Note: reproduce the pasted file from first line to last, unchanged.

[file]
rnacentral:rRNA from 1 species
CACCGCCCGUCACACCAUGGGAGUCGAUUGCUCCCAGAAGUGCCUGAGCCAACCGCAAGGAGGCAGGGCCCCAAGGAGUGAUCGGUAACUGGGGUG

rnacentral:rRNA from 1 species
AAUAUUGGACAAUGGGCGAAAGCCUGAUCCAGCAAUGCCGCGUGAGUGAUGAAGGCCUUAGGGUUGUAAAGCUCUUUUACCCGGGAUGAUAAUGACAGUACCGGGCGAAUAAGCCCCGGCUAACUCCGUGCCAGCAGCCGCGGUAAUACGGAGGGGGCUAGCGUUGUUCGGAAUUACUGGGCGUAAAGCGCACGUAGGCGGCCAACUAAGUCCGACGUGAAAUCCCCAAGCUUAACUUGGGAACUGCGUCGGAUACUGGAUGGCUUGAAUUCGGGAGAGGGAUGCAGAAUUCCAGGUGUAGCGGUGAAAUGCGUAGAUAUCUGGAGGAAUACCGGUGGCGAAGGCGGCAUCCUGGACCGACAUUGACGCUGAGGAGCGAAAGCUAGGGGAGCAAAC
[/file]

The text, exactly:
rnacentral:rRNA from 1 species
CACCGCCCGUCACACCAUGGGAGUCGAUUGCUCCCAGAAGUGCCUGAGCCAACCGCAAGGAGGCAGGGCCCCAAGGAGUGAUCGGUAACUGGGGUG

rnacentral:rRNA from 1 species
AAUAUUGGACAAUGGGCGAAAGCCUGAUCCAGCAAUGCCGCGUGAGUGAUGAAGGCCUUAGGGUUGUAAAGCUCUUUUACCCGGGAUGAUAAUGACAGUACCGGGCGAAUAAGCCCCGGCUAACUCCGUGCCAGCAGCCGCGGUAAUACGGAGGGGGCUAGCGUUGUUCGGAAUUACUGGGCGUAAAGCGCACGUAGGCGGCCAACUAAGUCCGACGUGAAAUCCCCAAGCUUAACUUGGGAACUGCGUCGGAUACUGGAUGGCUUGAAUUCGGGAGAGGGAUGCAGAAUUCCAGGUGUAGCGGUGAAAUGCGUAGAUAUCUGGAGGAAUACCGGUGGCGAAGGCGGCAUCCUGGACCGACAUUGACGCUGAGGAGCGAAAGCUAGGGGAGCAAAC